Getting to Grips with Guantánamo I: Rendition to the Caribbean

KMSThis post is by Kasey McCall-Smith: a lecturer in Public International Law and programme director for the LLM in Human Rights at Edinburgh Law School.

This post is the first in a series of blogs that chronicle the history and current state of play regarding the US rendition and detention programme in the immediate aftermath of 9/11. They were written during the author’s visit to Guantánamo Bay, Cuba, to observe military commission proceedings in the case of USA v. Khalid Shaikh Mohammad, et. al.  30 May – 3 June 2016, which is the initial phase of her project Getting to Grips with Guantánamo.

Following the attacks against the US on 9/11, then-President Bush declared open-season on all individuals with any established link to al Qaeda. In furtherance of the Bush declaration, the US Central Intelligence Agency (CIA) commenced what would eventually prove to be the most egregious and calculated rendition and detention campaign in modern, post-WWII history. A campaign defined by blatant breaches of both US and international law. To this day, it serves as a black mark on America’s international image, and the resulting impact of the decisions taken by the Bush Administration in the early days of 2001 continue to resonate today.

The President’s basis for aggressive action against third-state enemies on foreign soil was supported by a memorandum opinion detailing his powers under the War Powers Resolution (50 U.S.C. §§1541-48). Specifically, the President exercised the power to authorize a classified covert action allowing the CIA to seek out, take into custody and detain terrorists or anyone assisting terrorists.

In November of 2001, the President issued a public military order outlining the US position that in order to prevent further terrorist attacks the US would detain and try individuals under the laws of war and normal principles of law and rules of evidence would not apply in such cases. The military order reinforced the covert operations already set in motion by the classified action authorizing the CIA’s Detention and Rendition Program (DRP) on 17 September. These orders were the first steps toward the ‘legal black hole’ known as Guantánamo.

After surveying the potential sites for the anticipated detention of foreign nationals under the DRP, specifically members of al Qaeda and the Taliban, the Office of Legal Council determined that Guantánamo Bay Naval Base (GTMO) (pronounced ‘Gitmo’ by all military staff) was the ideal location due to its unique establishment. Guantánamo Bay was first leased by the US following the Spanish-American War in 1903 ‘to enable the United States to maintain the independence of Cuba’, at which time GTMO was established.  When the first detainees arrived at GTMO in 2002, the US naval base had been in operation for 99 years. The Treaty between the United States and Cuba Defining Their Relations (29 May 1934, US Treaty Series No. 866) supplemented the original 1903 agreement and confirmed that Guantánamo Bay remained the sovereign territory of Cuba on perpetual lease to the US. This salient feature of the treaty would become a pivotal factor in the post-9/11 rendition programme.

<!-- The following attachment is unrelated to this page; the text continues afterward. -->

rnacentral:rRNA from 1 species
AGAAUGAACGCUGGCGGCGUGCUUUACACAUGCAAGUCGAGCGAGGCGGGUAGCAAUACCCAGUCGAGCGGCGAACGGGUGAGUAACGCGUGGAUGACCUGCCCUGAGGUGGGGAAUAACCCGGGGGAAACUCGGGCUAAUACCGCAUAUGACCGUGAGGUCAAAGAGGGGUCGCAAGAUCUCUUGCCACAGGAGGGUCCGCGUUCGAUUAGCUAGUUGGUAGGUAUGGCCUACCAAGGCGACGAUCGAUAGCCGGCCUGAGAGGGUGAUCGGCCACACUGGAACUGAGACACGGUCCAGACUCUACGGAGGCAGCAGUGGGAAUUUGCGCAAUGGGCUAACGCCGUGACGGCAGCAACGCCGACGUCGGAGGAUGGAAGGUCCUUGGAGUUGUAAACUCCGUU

In December 2001, the Office of Legal Counsel in the US Department of Justice issued a memorandum on the ‘Possible Habeas Jurisdiction over Aliens Held in Guantánamo Bay’. In the memo, they detail a provision in the original 1903 lease which provides that ‘the United States recognizes the continuance of the ultimate sovereignty of the Republic of Cuba’ over the land and water now commonly known as GTMO. Thus, their conclusion underscored that GTMO was outside of the jurisdiction of US federal courts for purposes of anticipated detainees bringing writs of habeas corpus. This conclusion facilitated the rendition of approximately 780 individuals to GTMO between 2002 and 2008.

The Philibin/Yoo memo made it clear that the selection of GTMO was made in order to avoid international legal obligations under the Geneva Conventions and the International Covenant on Civil and Political Rights. As would be revealed in the months and years that followed, denial of habeas rights was only the tip of the iceberg in terms of blatant disregard for the basic rights of human beings. Ultimately, the denial of habeas was determined a violation of the US Constitution in Rasul, et. al. v. Bush, 542 U.S. 466 (2004). What followed from that case is a line of federal claims and, ultimately, a 6000 plus page report, the US Senate Intelligence Committee Study on CIA Detention and Interrogation Program, finding that the CIA actively engaged in torture with the full backing of the Bush Administration. Of those confirmed detainees held at GTMO since the beginning of the CIA’s RDP, 691 have been transferred out of GTMO without charge, 28 continue to be held in law of war detention but are recommended for transfer, 42 remain in custody without charge but without potential for transfer at this time, and only 10 have been charged under the laws of war – three of whom have thus far been convicted. In each instance, individuals have been subjected to treatment far below the minimum standards recognised by international law. This shadow of ill-treatment continues to shape international views of the US operations at GTMO as well as the development of the military commissions cases.